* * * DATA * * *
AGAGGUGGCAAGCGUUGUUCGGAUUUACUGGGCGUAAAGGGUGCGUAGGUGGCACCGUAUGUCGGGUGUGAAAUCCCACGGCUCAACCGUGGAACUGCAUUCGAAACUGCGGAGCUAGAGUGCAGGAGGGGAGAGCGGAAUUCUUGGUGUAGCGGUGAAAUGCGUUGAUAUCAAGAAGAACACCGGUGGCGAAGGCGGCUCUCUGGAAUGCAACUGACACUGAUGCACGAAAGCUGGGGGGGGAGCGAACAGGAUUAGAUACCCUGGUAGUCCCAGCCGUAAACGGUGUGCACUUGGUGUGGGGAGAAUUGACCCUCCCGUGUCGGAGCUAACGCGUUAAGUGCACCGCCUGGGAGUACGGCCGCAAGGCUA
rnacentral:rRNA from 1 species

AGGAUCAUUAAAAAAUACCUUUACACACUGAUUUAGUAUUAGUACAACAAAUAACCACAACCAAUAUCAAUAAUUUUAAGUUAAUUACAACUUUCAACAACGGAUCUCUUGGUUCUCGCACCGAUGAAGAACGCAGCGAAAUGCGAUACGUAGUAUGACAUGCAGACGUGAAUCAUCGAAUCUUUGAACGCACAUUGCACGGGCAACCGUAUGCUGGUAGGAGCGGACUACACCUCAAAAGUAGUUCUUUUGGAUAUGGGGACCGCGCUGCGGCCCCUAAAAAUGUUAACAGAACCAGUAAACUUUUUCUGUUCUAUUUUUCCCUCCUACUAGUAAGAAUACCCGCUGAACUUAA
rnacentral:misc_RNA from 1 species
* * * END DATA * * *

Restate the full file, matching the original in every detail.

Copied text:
AGAGGUGGCAAGCGUUGUUCGGAUUUACUGGGCGUAAAGGGUGCGUAGGUGGCACCGUAUGUCGGGUGUGAAAUCCCACGGCUCAACCGUGGAACUGCAUUCGAAACUGCGGAGCUAGAGUGCAGGAGGGGAGAGCGGAAUUCUUGGUGUAGCGGUGAAAUGCGUUGAUAUCAAGAAGAACACCGGUGGCGAAGGCGGCUCUCUGGAAUGCAACUGACACUGAUGCACGAAAGCUGGGGGGGGAGCGAACAGGAUUAGAUACCCUGGUAGUCCCAGCCGUAAACGGUGUGCACUUGGUGUGGGGAGAAUUGACCCUCCCGUGUCGGAGCUAACGCGUUAAGUGCACCGCCUGGGAGUACGGCCGCAAGGCUA
rnacentral:rRNA from 1 species

AGGAUCAUUAAAAAAUACCUUUACACACUGAUUUAGUAUUAGUACAACAAAUAACCACAACCAAUAUCAAUAAUUUUAAGUUAAUUACAACUUUCAACAACGGAUCUCUUGGUUCUCGCACCGAUGAAGAACGCAGCGAAAUGCGAUACGUAGUAUGACAUGCAGACGUGAAUCAUCGAAUCUUUGAACGCACAUUGCACGGGCAACCGUAUGCUGGUAGGAGCGGACUACACCUCAAAAGUAGUUCUUUUGGAUAUGGGGACCGCGCUGCGGCCCCUAAAAAUGUUAACAGAACCAGUAAACUUUUUCUGUUCUAUUUUUCCCUCCUACUAGUAAGAAUACCCGCUGAACUUAA
rnacentral:misc_RNA from 1 species